To Whom It May Concern:
Growing up, the season of Lent was a foreign concept to me. I knew what it was. But, I was raised in churches that didn’t stress the bits and pieces of Lent I knew about. My understanding of Lent was, that it was something my Catholic friends did. Typically, they showed up to school one Wednesday with a smudge on their forehead and ate fish on Friday. Some of them also gave up a personal bad habit, and cut back on it, or completely abstained, for the period of Lent. Most of the time, they went right back to the activity they had given up. I shouldn’t single them out. Because, I did have other friends observe Lenten traditions. You had the people who clearly didn’t have this issue before Lent, but were going to “give up sex” for Lent. There were those who used Lent as a diet. Others who seemed to give up something out of superstition, like they’d suffer bad karma if they didn’t. They’d usually pick something that was not enjoyable, so they could “give up something.”
The church your mom worked at, when we met, observed Lent. And for many reasons I won’t get into here, that didn’t impact me. But, when we moved here, and started at the church we’re at, I was struck, that this “megachurch” observed Lent. Talked about it a lot. Did the whole “Ash Wednesday” thing. It was totally foreign to me. And, for the most part, it is. I probably will never observe Lent, the way my youthful observations understood it. To me, the few weeks leading up to Easter were just a way to look forward to the ultimate victory gained in the death, burial, and resurrection. And, now, as a more mature adult, I know that neither myself, nor my friends, had a great grasp of the period of Lent.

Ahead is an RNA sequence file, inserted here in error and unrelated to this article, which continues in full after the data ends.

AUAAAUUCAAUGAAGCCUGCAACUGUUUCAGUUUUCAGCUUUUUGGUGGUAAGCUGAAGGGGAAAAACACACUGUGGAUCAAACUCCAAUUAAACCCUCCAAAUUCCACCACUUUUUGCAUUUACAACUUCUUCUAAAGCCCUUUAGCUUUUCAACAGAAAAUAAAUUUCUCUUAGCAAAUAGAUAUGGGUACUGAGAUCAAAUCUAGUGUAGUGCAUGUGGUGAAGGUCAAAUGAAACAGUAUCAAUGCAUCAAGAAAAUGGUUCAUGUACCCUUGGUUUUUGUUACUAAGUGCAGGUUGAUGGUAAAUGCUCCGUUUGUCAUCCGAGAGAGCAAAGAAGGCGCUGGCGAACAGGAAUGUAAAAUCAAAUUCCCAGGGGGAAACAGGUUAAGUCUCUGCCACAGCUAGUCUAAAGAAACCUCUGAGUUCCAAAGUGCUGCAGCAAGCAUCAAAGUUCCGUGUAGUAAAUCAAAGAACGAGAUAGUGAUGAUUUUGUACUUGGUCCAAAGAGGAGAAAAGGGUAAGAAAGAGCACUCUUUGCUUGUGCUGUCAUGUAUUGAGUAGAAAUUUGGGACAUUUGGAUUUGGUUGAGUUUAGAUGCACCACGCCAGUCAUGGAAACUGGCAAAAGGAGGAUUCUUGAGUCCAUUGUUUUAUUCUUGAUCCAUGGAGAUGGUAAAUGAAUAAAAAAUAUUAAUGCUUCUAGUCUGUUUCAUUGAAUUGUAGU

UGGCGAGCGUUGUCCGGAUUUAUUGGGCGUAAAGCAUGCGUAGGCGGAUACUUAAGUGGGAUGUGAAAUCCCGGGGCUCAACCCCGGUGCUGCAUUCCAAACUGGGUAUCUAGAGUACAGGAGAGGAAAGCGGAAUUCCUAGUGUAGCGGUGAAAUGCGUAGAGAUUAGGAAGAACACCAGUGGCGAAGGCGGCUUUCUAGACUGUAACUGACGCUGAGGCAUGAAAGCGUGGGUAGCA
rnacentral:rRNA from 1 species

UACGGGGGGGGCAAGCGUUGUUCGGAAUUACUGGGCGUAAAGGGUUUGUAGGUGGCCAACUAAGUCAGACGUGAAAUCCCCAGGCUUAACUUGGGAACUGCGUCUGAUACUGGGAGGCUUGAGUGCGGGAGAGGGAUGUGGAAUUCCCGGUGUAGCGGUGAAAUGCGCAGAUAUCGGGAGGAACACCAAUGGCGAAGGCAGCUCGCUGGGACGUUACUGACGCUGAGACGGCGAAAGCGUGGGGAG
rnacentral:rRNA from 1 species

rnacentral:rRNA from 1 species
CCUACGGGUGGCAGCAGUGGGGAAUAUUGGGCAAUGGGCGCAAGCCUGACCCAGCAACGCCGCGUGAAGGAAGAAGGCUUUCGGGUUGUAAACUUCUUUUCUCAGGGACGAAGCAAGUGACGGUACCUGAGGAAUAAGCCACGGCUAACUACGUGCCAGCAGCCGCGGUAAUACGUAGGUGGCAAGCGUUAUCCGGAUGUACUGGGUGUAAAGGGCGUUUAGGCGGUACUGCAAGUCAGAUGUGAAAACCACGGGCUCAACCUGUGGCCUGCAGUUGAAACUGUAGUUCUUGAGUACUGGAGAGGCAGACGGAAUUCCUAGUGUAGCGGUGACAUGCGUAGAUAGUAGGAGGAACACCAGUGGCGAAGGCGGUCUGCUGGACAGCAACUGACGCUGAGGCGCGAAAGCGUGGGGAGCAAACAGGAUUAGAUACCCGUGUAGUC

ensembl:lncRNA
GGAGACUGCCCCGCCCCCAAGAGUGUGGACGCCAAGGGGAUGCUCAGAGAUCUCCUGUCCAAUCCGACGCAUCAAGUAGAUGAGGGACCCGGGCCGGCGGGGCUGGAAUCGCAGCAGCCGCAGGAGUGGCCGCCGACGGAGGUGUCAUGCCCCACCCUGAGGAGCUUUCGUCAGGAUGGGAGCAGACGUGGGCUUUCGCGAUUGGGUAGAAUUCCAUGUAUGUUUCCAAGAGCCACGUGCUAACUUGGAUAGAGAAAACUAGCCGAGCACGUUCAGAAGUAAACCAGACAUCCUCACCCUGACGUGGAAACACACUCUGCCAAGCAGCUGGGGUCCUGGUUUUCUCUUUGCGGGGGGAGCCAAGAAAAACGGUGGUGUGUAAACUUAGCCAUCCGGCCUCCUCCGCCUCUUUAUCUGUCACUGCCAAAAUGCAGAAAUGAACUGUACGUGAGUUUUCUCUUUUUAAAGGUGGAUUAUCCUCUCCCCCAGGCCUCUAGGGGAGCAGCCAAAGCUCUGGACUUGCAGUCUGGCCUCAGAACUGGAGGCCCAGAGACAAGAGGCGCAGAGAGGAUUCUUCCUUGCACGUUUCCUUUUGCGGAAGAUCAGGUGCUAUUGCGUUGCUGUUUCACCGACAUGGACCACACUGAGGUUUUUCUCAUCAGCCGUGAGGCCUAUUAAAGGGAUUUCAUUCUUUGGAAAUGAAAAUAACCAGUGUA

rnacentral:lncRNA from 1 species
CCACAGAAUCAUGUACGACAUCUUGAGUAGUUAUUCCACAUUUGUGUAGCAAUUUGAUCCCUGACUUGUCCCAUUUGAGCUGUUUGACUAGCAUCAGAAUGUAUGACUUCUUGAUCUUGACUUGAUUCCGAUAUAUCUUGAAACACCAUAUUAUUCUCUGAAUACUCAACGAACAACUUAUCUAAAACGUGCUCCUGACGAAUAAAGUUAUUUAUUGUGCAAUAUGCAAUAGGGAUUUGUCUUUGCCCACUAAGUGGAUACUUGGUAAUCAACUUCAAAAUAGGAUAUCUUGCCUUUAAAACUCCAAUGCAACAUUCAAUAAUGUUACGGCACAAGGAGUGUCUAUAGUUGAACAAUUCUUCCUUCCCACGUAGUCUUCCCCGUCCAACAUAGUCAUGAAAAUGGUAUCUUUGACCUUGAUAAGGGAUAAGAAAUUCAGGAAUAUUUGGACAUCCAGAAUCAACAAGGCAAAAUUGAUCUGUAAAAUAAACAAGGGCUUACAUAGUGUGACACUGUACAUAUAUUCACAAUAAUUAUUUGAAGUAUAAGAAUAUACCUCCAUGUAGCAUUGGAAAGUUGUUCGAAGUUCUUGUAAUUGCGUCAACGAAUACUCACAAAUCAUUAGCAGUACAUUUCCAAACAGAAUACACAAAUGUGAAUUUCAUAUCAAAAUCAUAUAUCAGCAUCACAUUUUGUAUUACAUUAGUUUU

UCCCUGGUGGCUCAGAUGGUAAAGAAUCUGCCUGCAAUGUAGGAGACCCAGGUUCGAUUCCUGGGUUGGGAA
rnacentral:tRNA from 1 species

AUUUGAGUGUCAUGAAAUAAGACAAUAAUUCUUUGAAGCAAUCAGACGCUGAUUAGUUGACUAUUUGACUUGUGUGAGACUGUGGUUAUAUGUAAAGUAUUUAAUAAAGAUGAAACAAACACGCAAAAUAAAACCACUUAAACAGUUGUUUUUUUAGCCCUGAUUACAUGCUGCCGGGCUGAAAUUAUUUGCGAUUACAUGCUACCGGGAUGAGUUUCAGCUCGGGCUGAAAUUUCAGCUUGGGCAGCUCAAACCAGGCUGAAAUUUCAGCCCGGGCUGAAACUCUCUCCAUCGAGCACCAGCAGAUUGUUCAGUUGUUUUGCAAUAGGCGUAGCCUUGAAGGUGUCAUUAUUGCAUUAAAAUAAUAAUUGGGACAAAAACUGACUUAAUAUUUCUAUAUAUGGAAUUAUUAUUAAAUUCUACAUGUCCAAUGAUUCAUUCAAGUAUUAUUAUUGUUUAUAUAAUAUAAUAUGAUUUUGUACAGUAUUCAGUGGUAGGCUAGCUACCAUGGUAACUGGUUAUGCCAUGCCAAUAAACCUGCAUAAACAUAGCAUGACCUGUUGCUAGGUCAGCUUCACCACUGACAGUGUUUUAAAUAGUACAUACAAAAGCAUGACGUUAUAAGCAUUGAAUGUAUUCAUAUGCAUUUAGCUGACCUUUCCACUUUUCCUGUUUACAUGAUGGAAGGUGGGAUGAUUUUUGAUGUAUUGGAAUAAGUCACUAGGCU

Lent is the 46 day period preceding Easter, traditionally defined as 40 days of fasting, and 6 days of feasting. Without placing utmost importance in the number 40, it is worth noting, that the Israelites wandered the wilderness for 40 years, the rains of the flood lasted 40 days, and Jesus, while fasting, was tempted in the wilderness over a period of 40 days. There are also some, who believe that the 3 days Jesus was in the tomb, was a period of 40 hours. Lent begins with Ash Wednesday, a day to serve as a reminder of our mortality. The 6th Sunday in Lent, is known as Palm Sunday. It’s a reminder of Jesus’ entrance into Jerusalem, in yet another way He was making it abundantly clear to the religious leaders, that He is God. As he rode in on a donkey, people laid down garments, and small tree branches, like palm branches. The Friday of that week, is Good Friday. Which, if the story ended there, wouldn’t actually be good. Good Friday, is the day of remembrance of Jesus death and burial. And that next Sunday, Easter. The resurrection.